“I just moved here from Minnesota Chef, I’m living in New Jersey with my wife and I’m here to learn.”
“You worked with Gavin Kaysen” he replied
“Oui Chef,” I said quickly.
“How Long?” He asked
“4 Months at Spoon and Stable before being transferred to Bellecour where I was for about 10 months,” I said.
After this, he looked at the other Stagier. “You’re not clean-shaven, you need to shave. Do you have a razor?”
“Yes, at home” He replied.
“Well go get it, or go buy one, you need to be a clean-shaven man. We would love to have you. Come back when you’re clean-shaven”. Said Chef
I honestly didn’t even notice. He looked like he shaved, maybe it was nothing more than a 5 o clock shadow, but that’s enough to get called out. Luckily I shaved once at 6 Am and again at 12:15.
Chef directed me into the kitchen where he connected me with Jacob, who was a commis for about 2 months.
“Jacob, this is Joshua. He worked with Gavin Kaysen for about 2 years. Show him around, yeah?” The chef said sternly as he walked away quickly.
“Oui Chef,” Jacob said. While walking away. He turned back and looked at me and waved his hand as a sign for me to follow him. As we walked through the kitchen I looked at everything. Trying to absorb sights of the spotless stainless steel, the polished copper pots that hung above the French Suite. The ovens were this beautiful white color and they had rational ovens beneath the hotlines. We walked through the pastry station where the walls were lined with a glass cooler that had 50 or so whole ducks hanging by their necks dry aging for Daniel Humm’s famous duck dish. We walked up 2 flights of stairs that led to the locker room where I was to change and meet back downstairs. I put on a Large Chef Coat and walked back downstairs. Panting and sweating already from being out of breath, I don’t know what I was going to expect. I have become so out of shape I cannot believe it. My feet already hurt from carrying my body weight through-out the streets of New York. I can hardly even walk and talk at the same time because I’m gasping for air most of the time. The first task at hand, dust a sheet tray of blueberries with mushroom powder and with yumberry powder. Rather straightforward. I was then asked to cut a mirepoix for lobster stock. After grabbing all the vegetables, I began to trim them so I could wash the celery and fennel. I washed out a sink and rinsed the vegetables thoroughly. One of the chefs came through, “You’re getting water everywhere my friend”. She said.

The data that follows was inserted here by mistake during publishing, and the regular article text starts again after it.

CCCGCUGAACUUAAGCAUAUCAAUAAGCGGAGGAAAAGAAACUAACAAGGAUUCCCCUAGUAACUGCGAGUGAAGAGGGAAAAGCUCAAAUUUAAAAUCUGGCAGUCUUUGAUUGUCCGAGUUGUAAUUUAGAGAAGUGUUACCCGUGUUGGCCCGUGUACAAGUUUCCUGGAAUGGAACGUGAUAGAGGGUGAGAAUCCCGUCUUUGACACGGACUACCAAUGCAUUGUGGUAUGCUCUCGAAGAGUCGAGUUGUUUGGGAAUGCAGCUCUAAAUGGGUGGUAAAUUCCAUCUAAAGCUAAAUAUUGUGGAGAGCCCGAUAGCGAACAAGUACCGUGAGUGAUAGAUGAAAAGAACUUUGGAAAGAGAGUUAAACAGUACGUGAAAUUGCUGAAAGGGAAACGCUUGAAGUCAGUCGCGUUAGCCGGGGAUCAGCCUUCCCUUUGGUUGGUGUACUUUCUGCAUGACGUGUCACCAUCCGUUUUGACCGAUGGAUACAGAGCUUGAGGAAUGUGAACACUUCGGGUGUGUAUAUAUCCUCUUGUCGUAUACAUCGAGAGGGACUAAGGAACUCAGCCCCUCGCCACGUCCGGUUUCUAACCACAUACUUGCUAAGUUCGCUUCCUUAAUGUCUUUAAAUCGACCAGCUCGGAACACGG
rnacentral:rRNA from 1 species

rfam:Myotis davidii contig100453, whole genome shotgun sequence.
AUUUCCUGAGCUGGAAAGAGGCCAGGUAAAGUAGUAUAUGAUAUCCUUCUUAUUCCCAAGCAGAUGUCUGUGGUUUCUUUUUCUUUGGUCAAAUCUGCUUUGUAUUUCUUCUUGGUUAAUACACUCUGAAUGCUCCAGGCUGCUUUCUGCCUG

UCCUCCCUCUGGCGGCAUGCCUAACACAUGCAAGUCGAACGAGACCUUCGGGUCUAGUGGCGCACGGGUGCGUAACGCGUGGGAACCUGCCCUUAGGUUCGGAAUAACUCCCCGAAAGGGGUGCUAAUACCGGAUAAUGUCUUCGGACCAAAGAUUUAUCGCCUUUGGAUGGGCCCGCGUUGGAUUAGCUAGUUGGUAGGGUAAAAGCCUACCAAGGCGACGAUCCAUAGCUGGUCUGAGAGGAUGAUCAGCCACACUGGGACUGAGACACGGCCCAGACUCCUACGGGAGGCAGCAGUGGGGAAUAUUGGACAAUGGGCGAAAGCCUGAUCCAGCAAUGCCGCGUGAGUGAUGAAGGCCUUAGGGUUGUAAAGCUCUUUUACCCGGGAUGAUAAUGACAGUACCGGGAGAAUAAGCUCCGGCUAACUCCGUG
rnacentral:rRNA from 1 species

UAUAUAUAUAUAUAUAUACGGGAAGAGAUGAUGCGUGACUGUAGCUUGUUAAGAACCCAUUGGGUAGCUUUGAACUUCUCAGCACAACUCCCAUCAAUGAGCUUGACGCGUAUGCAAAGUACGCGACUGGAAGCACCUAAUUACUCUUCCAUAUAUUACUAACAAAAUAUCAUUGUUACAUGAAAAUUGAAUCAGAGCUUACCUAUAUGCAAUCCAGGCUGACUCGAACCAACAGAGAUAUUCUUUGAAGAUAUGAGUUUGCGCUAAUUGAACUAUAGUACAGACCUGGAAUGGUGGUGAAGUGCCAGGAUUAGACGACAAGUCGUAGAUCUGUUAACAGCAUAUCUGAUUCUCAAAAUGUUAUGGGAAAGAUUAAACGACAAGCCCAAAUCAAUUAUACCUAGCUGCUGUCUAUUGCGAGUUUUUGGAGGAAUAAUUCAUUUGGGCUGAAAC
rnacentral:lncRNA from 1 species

“Oui Chef”. I said while trying to wipe down the station with a wet towel, which just spread out thin layers of water across the table. I set the wet rag down and moved the vegetables in search of a dry towel to wipe the table, but too late. One of the chefs started wiping the table. “So fucking messy”. She said under her breath, while another chef looks at her and laughs. Well, I wish I knew where the towels were. I got a station set up on a table, I pulled out my knife ready to crank when I feel a tap on my shoulder.
“What’s your name”? Asked another Chef.
“I’m Joshua, what’s your name?” I responded.
“Jullien, come with me. I need you to do something.” He replied.